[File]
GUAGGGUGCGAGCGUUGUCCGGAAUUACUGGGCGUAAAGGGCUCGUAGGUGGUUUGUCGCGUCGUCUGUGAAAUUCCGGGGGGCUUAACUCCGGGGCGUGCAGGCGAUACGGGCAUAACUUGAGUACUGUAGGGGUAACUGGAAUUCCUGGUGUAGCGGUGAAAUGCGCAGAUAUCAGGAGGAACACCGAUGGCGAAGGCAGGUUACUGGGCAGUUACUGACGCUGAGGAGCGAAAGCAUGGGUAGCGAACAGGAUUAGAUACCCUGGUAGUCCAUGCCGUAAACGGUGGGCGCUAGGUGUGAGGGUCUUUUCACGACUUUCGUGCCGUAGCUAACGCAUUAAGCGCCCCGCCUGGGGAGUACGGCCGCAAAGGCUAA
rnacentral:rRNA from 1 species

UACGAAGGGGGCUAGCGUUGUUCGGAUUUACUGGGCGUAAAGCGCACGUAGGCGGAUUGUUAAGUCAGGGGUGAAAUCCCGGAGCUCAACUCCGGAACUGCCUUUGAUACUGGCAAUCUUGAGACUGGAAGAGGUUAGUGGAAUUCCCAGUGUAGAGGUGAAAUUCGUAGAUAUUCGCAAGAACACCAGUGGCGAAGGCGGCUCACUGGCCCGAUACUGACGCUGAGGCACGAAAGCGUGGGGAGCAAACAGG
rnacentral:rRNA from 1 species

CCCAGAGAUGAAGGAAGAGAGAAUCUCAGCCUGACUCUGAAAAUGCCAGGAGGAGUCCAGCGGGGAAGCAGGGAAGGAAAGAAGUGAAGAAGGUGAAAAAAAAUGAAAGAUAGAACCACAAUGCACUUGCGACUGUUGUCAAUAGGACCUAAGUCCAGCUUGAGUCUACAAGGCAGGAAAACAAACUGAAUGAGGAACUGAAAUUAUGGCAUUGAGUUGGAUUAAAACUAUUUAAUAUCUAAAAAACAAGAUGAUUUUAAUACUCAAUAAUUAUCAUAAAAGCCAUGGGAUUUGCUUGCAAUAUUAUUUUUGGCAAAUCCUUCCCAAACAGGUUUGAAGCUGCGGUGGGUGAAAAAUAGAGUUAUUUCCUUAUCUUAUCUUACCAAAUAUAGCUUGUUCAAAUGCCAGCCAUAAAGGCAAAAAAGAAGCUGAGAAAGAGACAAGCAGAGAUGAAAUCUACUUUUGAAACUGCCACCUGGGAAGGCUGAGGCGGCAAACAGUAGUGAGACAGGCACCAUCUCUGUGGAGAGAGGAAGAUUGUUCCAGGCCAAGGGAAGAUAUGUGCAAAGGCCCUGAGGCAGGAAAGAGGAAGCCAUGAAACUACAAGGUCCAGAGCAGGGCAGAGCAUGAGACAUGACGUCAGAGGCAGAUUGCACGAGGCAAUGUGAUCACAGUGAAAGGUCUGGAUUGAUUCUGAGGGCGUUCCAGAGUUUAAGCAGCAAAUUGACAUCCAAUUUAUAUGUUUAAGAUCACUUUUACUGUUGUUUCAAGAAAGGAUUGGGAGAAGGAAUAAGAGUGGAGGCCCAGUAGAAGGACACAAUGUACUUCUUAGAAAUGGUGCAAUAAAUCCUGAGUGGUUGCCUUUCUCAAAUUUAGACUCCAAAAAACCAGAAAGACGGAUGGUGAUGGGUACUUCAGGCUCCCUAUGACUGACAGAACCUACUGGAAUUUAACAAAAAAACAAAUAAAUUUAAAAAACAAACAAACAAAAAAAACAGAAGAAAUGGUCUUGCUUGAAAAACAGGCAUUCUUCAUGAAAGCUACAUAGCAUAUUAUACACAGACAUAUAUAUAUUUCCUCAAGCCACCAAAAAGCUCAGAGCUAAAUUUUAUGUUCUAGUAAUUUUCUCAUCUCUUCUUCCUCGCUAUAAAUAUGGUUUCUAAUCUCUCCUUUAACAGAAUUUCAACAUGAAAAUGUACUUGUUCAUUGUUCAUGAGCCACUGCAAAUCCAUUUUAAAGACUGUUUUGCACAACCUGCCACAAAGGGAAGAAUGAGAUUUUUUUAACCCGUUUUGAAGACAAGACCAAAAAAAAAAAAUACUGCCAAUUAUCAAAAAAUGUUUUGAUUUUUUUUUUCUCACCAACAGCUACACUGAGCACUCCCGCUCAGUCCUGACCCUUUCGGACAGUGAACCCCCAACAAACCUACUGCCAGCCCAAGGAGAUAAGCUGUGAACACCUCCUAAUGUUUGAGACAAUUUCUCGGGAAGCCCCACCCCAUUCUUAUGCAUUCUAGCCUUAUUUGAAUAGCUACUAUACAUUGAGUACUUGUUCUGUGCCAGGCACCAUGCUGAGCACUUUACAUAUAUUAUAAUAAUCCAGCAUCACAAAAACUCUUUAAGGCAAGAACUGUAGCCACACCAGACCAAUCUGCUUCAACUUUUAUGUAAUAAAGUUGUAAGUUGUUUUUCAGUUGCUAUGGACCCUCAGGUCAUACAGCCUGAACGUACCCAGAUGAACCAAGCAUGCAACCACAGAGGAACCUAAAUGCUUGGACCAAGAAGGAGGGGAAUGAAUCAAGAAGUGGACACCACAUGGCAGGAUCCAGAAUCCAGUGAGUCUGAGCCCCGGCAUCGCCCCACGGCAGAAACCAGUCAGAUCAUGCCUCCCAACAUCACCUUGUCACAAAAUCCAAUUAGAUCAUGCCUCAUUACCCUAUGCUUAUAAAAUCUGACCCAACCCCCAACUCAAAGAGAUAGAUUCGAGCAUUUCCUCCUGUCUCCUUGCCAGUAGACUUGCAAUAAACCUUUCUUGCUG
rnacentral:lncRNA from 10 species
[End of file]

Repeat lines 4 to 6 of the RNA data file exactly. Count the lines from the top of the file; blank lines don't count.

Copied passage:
rnacentral:rRNA from 1 species

CCCAGAGAUGAAGGAAGAGAGAAUCUCAGCCUGACUCUGAAAAUGCCAGGAGGAGUCCAGCGGGGAAGCAGGGAAGGAAAGAAGUGAAGAAGGUGAAAAAAAAUGAAAGAUAGAACCACAAUGCACUUGCGACUGUUGUCAAUAGGACCUAAGUCCAGCUUGAGUCUACAAGGCAGGAAAACAAACUGAAUGAGGAACUGAAAUUAUGGCAUUGAGUUGGAUUAAAACUAUUUAAUAUCUAAAAAACAAGAUGAUUUUAAUACUCAAUAAUUAUCAUAAAAGCCAUGGGAUUUGCUUGCAAUAUUAUUUUUGGCAAAUCCUUCCCAAACAGGUUUGAAGCUGCGGUGGGUGAAAAAUAGAGUUAUUUCCUUAUCUUAUCUUACCAAAUAUAGCUUGUUCAAAUGCCAGCCAUAAAGGCAAAAAAGAAGCUGAGAAAGAGACAAGCAGAGAUGAAAUCUACUUUUGAAACUGCCACCUGGGAAGGCUGAGGCGGCAAACAGUAGUGAGACAGGCACCAUCUCUGUGGAGAGAGGAAGAUUGUUCCAGGCCAAGGGAAGAUAUGUGCAAAGGCCCUGAGGCAGGAAAGAGGAAGCCAUGAAACUACAAGGUCCAGAGCAGGGCAGAGCAUGAGACAUGACGUCAGAGGCAGAUUGCACGAGGCAAUGUGAUCACAGUGAAAGGUCUGGAUUGAUUCUGAGGGCGUUCCAGAGUUUAAGCAGCAAAUUGACAUCCAAUUUAUAUGUUUAAGAUCACUUUUACUGUUGUUUCAAGAAAGGAUUGGGAGAAGGAAUAAGAGUGGAGGCCCAGUAGAAGGACACAAUGUACUUCUUAGAAAUGGUGCAAUAAAUCCUGAGUGGUUGCCUUUCUCAAAUUUAGACUCCAAAAAACCAGAAAGACGGAUGGUGAUGGGUACUUCAGGCUCCCUAUGACUGACAGAACCUACUGGAAUUUAACAAAAAAACAAAUAAAUUUAAAAAACAAACAAACAAAAAAAACAGAAGAAAUGGUCUUGCUUGAAAAACAGGCAUUCUUCAUGAAAGCUACAUAGCAUAUUAUACACAGACAUAUAUAUAUUUCCUCAAGCCACCAAAAAGCUCAGAGCUAAAUUUUAUGUUCUAGUAAUUUUCUCAUCUCUUCUUCCUCGCUAUAAAUAUGGUUUCUAAUCUCUCCUUUAACAGAAUUUCAACAUGAAAAUGUACUUGUUCAUUGUUCAUGAGCCACUGCAAAUCCAUUUUAAAGACUGUUUUGCACAACCUGCCACAAAGGGAAGAAUGAGAUUUUUUUAACCCGUUUUGAAGACAAGACCAAAAAAAAAAAAUACUGCCAAUUAUCAAAAAAUGUUUUGAUUUUUUUUUUCUCACCAACAGCUACACUGAGCACUCCCGCUCAGUCCUGACCCUUUCGGACAGUGAACCCCCAACAAACCUACUGCCAGCCCAAGGAGAUAAGCUGUGAACACCUCCUAAUGUUUGAGACAAUUUCUCGGGAAGCCCCACCCCAUUCUUAUGCAUUCUAGCCUUAUUUGAAUAGCUACUAUACAUUGAGUACUUGUUCUGUGCCAGGCACCAUGCUGAGCACUUUACAUAUAUUAUAAUAAUCCAGCAUCACAAAAACUCUUUAAGGCAAGAACUGUAGCCACACCAGACCAAUCUGCUUCAACUUUUAUGUAAUAAAGUUGUAAGUUGUUUUUCAGUUGCUAUGGACCCUCAGGUCAUACAGCCUGAACGUACCCAGAUGAACCAAGCAUGCAACCACAGAGGAACCUAAAUGCUUGGACCAAGAAGGAGGGGAAUGAAUCAAGAAGUGGACACCACAUGGCAGGAUCCAGAAUCCAGUGAGUCUGAGCCCCGGCAUCGCCCCACGGCAGAAACCAGUCAGAUCAUGCCUCCCAACAUCACCUUGUCACAAAAUCCAAUUAGAUCAUGCCUCAUUACCCUAUGCUUAUAAAAUCUGACCCAACCCCCAACUCAAAGAGAUAGAUUCGAGCAUUUCCUCCUGUCUCCUUGCCAGUAGACUUGCAAUAAACCUUUCUUGCUG
rnacentral:lncRNA from 10 species